Other business expenses

There are expenses you can incur to earn income, other than those listed on Form T2125. Enter on this line the total of other expenses you incurred to earn income, as long as you did not include them on a previous line. You have to list these expenses on the form.

Some of the more common ones are:

Disability-related modifications

You can deduct expenses you incur for eligible disability-related modifications made to a building in the year you paid them, instead of adding them to the capital cost of your building.

Eligible disability-related modifications include changes you make to accommodate wheelchairs, such as:

You can also deduct expenses paid to install or get the following disability-related devices and equipment:

Computer and other equipment leasing costs

You may lease:

If so, you can deduct the percentage of the lease costs that reasonably relates to earning your business income. You can also deduct the percentage of airtime expenses for a cellular telephone that reasonably relates to earning your self-employment income.

If you buy a computer, cellular telephone, fax machine, or other such equipment, you cannot deduct the cost. You can deduct capital cost allowance and interest you paid on money you borrowed to buy this equipment that reasonably relates to earning your business income.

Property leasing costs

Deduct the lease payments incurred in the year for property used in your business.

If you lease a passenger vehicle, go to Motor vehicle – Leasing costs.

If you entered into a lease agreement, you can choose to treat your lease payments as combined payments of principal and interest. However, you and the person from whom you are leasing have to agree to treat the payments this way.

In this case, the Canada Revenue Agency considers that you:

You can deduct the interest part of the payment as an expense.

You can also claim capital cost allowance on the property.

You can make this choice as long as the property qualified and the total FMV of all the property leased is more than $25,000. For example, a combine or fishing boat, leased with a FMV of $35,000 qualifies. However, office furniture and vehicles often do not qualify.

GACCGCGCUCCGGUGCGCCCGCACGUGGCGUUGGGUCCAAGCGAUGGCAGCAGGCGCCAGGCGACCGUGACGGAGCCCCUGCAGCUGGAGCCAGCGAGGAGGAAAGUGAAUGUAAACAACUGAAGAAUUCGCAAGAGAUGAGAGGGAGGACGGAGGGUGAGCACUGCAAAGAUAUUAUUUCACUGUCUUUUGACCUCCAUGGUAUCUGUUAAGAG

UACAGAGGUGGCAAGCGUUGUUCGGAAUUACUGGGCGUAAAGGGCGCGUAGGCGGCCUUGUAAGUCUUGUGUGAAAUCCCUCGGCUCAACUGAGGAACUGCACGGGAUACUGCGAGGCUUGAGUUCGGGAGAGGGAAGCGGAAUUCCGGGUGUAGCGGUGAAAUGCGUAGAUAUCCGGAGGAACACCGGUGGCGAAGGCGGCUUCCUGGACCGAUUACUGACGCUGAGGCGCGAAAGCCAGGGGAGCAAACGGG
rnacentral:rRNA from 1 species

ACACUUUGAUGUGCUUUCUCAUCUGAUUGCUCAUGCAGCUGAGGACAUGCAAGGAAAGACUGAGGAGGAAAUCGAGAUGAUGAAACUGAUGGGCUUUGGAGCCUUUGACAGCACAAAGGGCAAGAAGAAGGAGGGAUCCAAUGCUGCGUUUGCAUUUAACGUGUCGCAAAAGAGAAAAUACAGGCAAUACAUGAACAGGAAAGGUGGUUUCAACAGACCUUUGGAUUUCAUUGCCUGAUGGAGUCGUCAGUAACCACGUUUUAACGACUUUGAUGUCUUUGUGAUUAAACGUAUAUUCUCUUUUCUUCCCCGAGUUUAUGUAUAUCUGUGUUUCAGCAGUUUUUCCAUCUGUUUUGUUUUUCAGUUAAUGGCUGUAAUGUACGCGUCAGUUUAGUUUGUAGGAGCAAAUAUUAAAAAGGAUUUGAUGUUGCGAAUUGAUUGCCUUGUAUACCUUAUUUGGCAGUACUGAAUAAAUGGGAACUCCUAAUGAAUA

To treat your lease this way, file one of these forms with your income tax return for the year you make the lease agreement:

Convention expenses

You can deduct the cost of attending up to two conventions a year. The conventions have to meet the following conditions:

This second limit may not apply if an organization from another country sponsors the convention, and the convention relates to your business or professional activity.

Sometimes, convention fees include the cost of food, beverages, or entertainment. The convention organizer may not show these amounts separately on your bill. In this case, subtract $50 from the total convention fee for each day the organizer provides food, beverages, or entertainment.

You can deduct this daily $50 amount as a meal and entertainment expense. The 50% limit applies to the daily $50 amount.

Food, beverages, or entertainment at a convention do not include incidental items such as coffee and doughnuts available at convention meetings or receptions.

Allowable reserves

You can deduct an amount for a reserve, contingent account, or a sinking fund as long as the federal Income Tax Act allows it and the amount is reasonable.

Private health services plan (PHSP) premiums

To find out what the Canada Revenue Agency considers a private health services plan (PHSP) as of January 1, 2015, go to New position on private health services plans – Questions and answers.

You can deduct premiums paid to a private health service plan (PHSP) if you meet the following conditions:

You cannot claim a deduction for PHSP premiums if another person deducted the amount, or if you or anyone else claimed the premiums as a medical expense.

For your premiums to be deductible, your PHSP coverage has to be paid under a contract with one of the following:

For the purposes of this claim, the following terms apply:

Undeducted premiums

If you deduct only part of your PHSP premium at line 9804 for farming or line 9270 for fishing, and you paid the premium in the year, you can include the undeducted balance when you calculate your non-refundable medical expense tax credit. For more information, go to Line 33000 and 33199 – Eligible medical expenses you can claim on your tax return.

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